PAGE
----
Thursday, July 12, 2012

Things to do for your cancer patient pals

I kind of wish I had gotten the red one too,
but I guess I'll be sensible and first see
if I end up wearing this one after today.
I'm still into the scarves and hats, too.
Wig is good for San Francisco weather. 
I've heard a lot that friends and family of people with cancer can get frustrated because they want to help but don't know what to do. I was thinking of making a list of ideas, not so much about me...But I thought a list based on my experience might be useful.

BTW, if someone says to me, Let me know if you need any help, they will never hear from me. Because I don't know what they're offering, or if they're just being polite...and it's difficult to ask for help anyway.

I am too tired now to write this list. So here's a poem you may enjoy in the mean time:

How To Behave With The Ill, by Julia Darling

Approach us assertively, try not to
cringe or sidle, it makes us fearful.
Rather walk straight up and smile.
Do not touch us unless invited,
particularly don't squeeze upper arms,
or try to hold our hands. Keep your head erect.
Don't bend down, or lower your voice.
Speak evenly. Don't say
'How are you?' in an underlined voice.
Don't say, I heard that you were very ill.
This makes the poorly paranoid.
Be direct, say 'How's your cancer?'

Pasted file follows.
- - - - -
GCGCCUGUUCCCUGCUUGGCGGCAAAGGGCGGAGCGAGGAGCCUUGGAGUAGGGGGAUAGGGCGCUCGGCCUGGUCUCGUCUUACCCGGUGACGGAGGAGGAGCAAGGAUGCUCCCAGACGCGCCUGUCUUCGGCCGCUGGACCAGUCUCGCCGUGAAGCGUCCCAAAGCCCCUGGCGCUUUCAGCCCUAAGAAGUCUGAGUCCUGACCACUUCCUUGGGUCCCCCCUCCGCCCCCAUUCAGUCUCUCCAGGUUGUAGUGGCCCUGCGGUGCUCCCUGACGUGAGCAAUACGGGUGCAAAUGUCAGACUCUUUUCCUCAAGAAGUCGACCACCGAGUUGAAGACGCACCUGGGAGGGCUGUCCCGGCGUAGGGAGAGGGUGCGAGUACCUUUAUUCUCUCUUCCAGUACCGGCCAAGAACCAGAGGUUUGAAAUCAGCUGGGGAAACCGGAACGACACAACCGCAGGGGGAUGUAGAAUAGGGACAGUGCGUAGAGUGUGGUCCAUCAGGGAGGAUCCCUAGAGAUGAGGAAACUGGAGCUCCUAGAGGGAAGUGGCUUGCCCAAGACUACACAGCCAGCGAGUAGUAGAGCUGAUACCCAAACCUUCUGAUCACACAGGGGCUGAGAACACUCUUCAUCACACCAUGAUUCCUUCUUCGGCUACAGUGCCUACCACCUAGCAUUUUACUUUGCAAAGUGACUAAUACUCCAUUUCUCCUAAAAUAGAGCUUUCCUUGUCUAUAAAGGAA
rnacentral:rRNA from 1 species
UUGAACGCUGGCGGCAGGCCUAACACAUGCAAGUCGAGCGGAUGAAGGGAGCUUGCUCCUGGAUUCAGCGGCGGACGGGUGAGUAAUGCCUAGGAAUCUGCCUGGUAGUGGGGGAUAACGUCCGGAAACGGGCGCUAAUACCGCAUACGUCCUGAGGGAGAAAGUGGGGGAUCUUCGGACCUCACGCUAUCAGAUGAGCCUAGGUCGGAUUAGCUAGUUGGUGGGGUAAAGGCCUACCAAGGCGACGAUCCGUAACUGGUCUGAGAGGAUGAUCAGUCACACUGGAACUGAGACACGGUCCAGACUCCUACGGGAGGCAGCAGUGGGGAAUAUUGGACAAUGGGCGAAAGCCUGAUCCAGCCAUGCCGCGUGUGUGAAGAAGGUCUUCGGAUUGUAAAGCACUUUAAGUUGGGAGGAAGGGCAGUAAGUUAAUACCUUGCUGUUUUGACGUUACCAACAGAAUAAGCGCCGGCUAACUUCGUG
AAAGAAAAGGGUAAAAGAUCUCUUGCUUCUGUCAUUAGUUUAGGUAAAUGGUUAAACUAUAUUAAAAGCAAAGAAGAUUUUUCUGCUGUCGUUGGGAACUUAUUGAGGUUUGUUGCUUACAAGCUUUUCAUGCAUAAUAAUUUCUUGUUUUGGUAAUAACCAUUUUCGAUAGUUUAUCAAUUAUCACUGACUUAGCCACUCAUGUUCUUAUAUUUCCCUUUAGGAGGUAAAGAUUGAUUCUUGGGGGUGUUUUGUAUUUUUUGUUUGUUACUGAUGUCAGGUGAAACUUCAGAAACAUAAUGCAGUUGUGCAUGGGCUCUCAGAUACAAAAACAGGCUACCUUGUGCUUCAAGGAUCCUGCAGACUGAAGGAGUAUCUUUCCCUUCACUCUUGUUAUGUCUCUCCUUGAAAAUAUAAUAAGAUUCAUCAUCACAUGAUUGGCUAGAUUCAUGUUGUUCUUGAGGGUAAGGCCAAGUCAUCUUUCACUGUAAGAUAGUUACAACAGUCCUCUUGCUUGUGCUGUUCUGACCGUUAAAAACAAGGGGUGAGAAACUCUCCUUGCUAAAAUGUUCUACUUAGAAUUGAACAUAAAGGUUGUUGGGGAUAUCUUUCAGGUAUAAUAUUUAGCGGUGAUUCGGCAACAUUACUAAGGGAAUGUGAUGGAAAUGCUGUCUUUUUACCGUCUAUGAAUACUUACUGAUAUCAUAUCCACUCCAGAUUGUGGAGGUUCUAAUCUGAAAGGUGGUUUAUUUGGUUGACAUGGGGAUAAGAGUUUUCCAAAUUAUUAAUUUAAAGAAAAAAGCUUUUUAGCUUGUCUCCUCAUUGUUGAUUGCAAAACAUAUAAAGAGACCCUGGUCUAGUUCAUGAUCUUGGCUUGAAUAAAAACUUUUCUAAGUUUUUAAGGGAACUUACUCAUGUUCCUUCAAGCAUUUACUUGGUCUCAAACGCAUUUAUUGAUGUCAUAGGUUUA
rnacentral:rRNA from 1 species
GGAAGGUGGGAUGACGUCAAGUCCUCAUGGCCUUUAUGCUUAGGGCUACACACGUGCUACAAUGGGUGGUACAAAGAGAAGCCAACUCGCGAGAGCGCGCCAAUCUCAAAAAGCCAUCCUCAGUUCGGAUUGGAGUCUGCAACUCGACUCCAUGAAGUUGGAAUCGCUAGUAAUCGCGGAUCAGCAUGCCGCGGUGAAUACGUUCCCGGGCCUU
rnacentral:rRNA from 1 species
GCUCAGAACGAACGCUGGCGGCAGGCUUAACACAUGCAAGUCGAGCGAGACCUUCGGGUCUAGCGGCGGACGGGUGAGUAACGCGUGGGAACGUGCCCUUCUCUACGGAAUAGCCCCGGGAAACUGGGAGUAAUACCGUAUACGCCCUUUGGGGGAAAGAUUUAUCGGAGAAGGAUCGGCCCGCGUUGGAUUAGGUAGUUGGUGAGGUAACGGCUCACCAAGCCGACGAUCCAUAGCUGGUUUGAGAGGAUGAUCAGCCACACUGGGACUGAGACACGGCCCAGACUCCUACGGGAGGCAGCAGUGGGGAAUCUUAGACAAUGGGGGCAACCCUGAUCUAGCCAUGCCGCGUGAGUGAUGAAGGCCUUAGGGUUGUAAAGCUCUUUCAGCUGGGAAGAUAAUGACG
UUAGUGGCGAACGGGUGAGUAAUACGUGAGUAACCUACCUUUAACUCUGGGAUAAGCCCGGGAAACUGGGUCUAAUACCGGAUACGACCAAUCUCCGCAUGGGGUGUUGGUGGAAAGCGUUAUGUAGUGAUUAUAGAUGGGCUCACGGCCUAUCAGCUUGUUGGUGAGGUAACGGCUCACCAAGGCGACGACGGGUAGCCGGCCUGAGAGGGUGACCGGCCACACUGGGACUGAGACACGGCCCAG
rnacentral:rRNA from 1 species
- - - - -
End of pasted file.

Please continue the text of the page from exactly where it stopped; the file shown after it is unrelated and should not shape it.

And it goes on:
Try not to say how well we look.
compared to when you met in Safeway's.
Please don't cry, or get emotional,
and say how dreadful it all is.
Also (and this is hard I know)
try not to ignore the ill, or to scurry
past, muttering about a bus, the bank.
Remember that this day might be your last
and that it is a miracle that any of us
stands up, breathes, behaves at all. 


  1. Yeah - I agree w/ Danamaya - the red one was tres chic!

    People do say all kinds of well-meaning things. This happens before and after someone's death as well. I was told by a dear friend (before Steve died) - Well, you're still young. I knew she meant that my life would go on, but it was still quite hurtful. Over time, I learned to trust that my friends did mean well and that they were at a loss to know what to say or do. Many of them were scared, in denial or in shock. I learned to be grateful for the ones who said anything. So many people never responded to my pain, never reached out at all. A well-meaning, though perhaps inept, reaching out was preferable to me to being ignored in my suffering.

    Much love and cyber hugs,